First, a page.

Portfolio Manager, Peter Brooke, shares his latest Macro Perspectives, focusing this week on the vicious circle sparked by Liz Truss’s tax cuts, which put liability-driven investments under pressure – ultimately leading to political change.
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Peter Brooke 00:00
Good day. My name is Peter Brooke, and I'm a Portfolio Manager at the Old Mutual Investment Group. This has Macro Perspective 44 of 2022, and I'm going to return back to talking about the UK. It almost feels like a soap opera. So, think of Isidingo or something like that. And I heard a fascinating sentence. And it was that Liz Truss was taken out by LDI investors. So, remember, I spoke about how strong the bond market is, what LDI is, is actually liability driven investing. And I think most people won't know that much about it. But luckily, we've got a complete expert here. So, Trevor Abromowitz is the Head of our LDI department. And he manages more than 50 billion rand in South Africa, making him one of the two biggest players in the country. So, Trevor, can you just explain very simply, what LDI or liability driven investing is?
Trevor Abromowitz 00:54
Sure. Liability driven investing focuses on an investor's liabilities, whatever they may be, and manages a portfolio so that the assets move very much in line with the liabilities. Defined benefit funds are major users of LDI strategies, and their liabilities are valued using government bonds. And so, the matching asset for these funds is typically government bonds.
Peter Brooke 01:21
And that's exactly why in the UK, it was when the bond yields went up, that these funds came under pressure. And then that started a vicious spiral. So, can you tell us a bit more about what actually happened in the UK market, and why we had such a big sell off in the UK?
Trevor Abromowitz 01:37
Absolutely. So, when the Truss government announced their unfunded tax cuts and their mini budget had caused the UK government bond market to sell off considerably, and one of the significant secondary impact was that UK pension funds needed to post cash collateral in order to meet the calls from the different investment banks that they had transacted with. In order to meet the cash collateral requirements, they had to sell their government bond holdings, or Gilts, in order to meet these collateral calls and ensure that they were trading in line with their various agreements. This exacerbated the problem because they were selling their government bonds at a very weak time of the market when liquidity was extremely low.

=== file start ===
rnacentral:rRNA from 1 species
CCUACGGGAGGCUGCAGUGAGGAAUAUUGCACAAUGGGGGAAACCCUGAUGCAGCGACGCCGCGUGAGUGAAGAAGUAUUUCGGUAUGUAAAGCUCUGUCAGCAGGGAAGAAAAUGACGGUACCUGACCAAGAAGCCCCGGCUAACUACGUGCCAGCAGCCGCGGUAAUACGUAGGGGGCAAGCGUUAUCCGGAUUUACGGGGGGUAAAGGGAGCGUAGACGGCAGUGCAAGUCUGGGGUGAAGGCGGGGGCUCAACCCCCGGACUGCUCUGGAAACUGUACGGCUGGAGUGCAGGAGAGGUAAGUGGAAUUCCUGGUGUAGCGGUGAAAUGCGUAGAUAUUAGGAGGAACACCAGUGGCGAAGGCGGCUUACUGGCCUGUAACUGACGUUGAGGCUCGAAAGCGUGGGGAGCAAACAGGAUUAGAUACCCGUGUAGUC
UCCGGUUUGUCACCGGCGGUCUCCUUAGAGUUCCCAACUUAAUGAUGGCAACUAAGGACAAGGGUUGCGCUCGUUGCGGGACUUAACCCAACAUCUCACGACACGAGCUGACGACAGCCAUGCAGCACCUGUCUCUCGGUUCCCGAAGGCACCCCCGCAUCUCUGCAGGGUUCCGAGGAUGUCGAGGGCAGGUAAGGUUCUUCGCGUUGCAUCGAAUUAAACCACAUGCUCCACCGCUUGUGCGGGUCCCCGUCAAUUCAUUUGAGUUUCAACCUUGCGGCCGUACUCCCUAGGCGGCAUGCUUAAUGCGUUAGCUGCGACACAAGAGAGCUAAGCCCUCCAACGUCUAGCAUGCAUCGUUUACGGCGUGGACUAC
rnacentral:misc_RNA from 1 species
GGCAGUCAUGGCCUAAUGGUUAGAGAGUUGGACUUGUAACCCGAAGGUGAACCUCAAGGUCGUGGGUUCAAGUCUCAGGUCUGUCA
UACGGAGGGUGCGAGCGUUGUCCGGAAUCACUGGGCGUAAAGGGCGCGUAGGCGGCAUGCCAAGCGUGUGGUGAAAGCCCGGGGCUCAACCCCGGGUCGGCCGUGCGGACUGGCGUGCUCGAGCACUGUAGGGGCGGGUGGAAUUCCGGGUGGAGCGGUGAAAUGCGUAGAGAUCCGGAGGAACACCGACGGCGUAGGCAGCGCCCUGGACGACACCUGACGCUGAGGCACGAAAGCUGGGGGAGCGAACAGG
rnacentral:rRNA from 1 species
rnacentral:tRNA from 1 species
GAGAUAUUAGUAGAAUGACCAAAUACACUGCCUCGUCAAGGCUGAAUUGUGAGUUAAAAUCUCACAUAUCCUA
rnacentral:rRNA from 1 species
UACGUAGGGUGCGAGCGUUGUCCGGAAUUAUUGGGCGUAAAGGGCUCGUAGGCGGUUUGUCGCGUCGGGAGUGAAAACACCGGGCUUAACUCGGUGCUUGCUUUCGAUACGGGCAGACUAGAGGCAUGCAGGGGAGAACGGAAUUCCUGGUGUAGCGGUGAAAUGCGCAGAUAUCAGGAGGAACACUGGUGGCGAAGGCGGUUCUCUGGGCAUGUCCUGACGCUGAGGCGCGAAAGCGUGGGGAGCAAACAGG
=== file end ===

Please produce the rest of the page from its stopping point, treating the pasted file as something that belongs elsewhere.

Peter Brooke 02:22
So actually, what we got is a vicious circle making things worse. And that's what panicked world markets, the bond markets, and forced a political change. So, do you think the same thing could happen in South Africa?
Trevor Abromowitz 02:35
The South African market is very different to the UK market. We have a much lower number of defined benefit funds in our country with a much lower level of assets under management. We've also got very stringent risk measures that we use across the LDI industry to make sure that our hedging is taught, controlled, and well managed. So, we can get into considerable technical detail. But suffice to say that the South African... our market is in a much better position than our UK counterparts.
Peter Brooke 03:06
And one of the reasons for that is also the funding levels of the South African pension funds are in better shape. And it just highlights that actually, one of the key strengths of South Africa is our financial services industry, and our regulatory environment, which enables us to ride out some of these difficult times better than other places. And I think that's really what I wanted to bring to the fore here, is we've spoken a bit over time as US rates go up and liquidity gets sucked out of the system, we'll start to see different areas fall over. So, for instance, Sri Lanka has gone bankrupt, or we've seen some of those stable coins go under. We're now sort of seeing it moving up into different parts of the world. So, now we've seen a bit of a attack on LDI. And the positions there in the UK. And the truth is, we don't know what comes next. But it is a tricky environment, that as liquidity gets tightened, and as a result of that, we are running with a little bit more cash in our funds, just to have that little bit of buffer in case something goes wrong.
I hope you found this perspective useful. Until next week.